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Please use this identifier to cite or link to this item: http://hdl.handle.net/2122/7890

Authors: Cagnoli, B.*
Manga, M.*
Title: Granular mass flows and Coulomb’s friction in shear cell experiments: Implications for geophysical flows
Title of journal: Journal of geophysical research - earth surface
Series/Report no.: /109 (2004)
Publisher: American Geophysical Union
Issue Date: 2004
DOI: 10.1029/2004JF000177
Keywords: pyroclastic flows
basal friction
Abstract: Granular mass flows of rock fragments are studied in the lab by means of a high-speed video camera at 2000 frames per second. These granular flows are generated using beds of pumice fragments positioned on a rough rotating disk, whose angular velocity is controlled by a motor. The experimental apparatus allows an understanding of the arrangement of the particles in granular mass flows with relatively small and relatively large values of the Savage number (the Savage number represents the ratio between grain collision stresses and gravitational grain contact stresses). In particular, these flows develop a basal layer of agitated and colliding particles underneath a relatively rigid upper layer. Our experimental results suggest the validity, on average, of the Coulomb’s relationship between shear and normal forces at the base of granular mass flows irrespective of their Savage number value. In Coulomb’s equation the shear stresses do not depend on the shear rate. We expect the Coulomb friction law to be valid also in moving pyroclastic flows. Our experiments suggest that the collisions and subsequent comminution of pumice fragments in moving pyroclastic flows could provide ash for the overriding ash clouds. In our experiments the amount of ash generated by particle-particle and particle-boundary interactions increases as the value of the Savage number increases. In nature, part of this ash may also simply move toward the base of the flows because of kinetic sieving.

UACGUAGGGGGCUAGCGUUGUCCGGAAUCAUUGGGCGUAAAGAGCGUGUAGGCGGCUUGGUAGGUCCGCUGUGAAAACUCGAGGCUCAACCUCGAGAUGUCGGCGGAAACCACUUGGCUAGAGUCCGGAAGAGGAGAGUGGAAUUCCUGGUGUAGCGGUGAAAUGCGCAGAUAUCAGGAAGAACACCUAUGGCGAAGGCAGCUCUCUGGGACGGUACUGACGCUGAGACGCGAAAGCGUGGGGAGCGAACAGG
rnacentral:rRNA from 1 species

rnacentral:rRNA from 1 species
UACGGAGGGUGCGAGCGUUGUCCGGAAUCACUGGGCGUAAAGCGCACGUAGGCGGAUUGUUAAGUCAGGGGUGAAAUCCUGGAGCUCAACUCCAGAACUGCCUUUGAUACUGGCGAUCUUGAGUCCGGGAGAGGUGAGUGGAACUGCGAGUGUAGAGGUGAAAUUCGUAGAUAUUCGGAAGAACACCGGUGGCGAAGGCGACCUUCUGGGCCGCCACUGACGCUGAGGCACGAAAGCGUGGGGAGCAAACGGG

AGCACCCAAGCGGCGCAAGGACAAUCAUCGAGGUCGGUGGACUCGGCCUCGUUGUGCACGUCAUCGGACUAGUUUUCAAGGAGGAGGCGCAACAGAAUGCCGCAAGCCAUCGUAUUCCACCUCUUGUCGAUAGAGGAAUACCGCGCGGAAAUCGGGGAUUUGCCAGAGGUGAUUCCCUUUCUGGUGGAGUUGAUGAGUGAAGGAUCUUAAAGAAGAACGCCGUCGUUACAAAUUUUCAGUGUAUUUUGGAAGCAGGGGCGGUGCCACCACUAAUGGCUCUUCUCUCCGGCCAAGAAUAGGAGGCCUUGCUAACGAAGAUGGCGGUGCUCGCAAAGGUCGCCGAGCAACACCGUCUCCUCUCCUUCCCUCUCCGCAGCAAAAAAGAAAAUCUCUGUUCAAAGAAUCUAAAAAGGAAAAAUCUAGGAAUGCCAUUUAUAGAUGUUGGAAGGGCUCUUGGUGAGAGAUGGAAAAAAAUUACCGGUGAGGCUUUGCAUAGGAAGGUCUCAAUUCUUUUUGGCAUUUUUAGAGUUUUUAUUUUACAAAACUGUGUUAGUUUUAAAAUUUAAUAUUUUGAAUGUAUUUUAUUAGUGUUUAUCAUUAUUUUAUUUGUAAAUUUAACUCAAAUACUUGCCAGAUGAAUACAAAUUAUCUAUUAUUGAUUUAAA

Appears in Collections:Papers Published / Papers in press
04.08.02. Experimental volcanism

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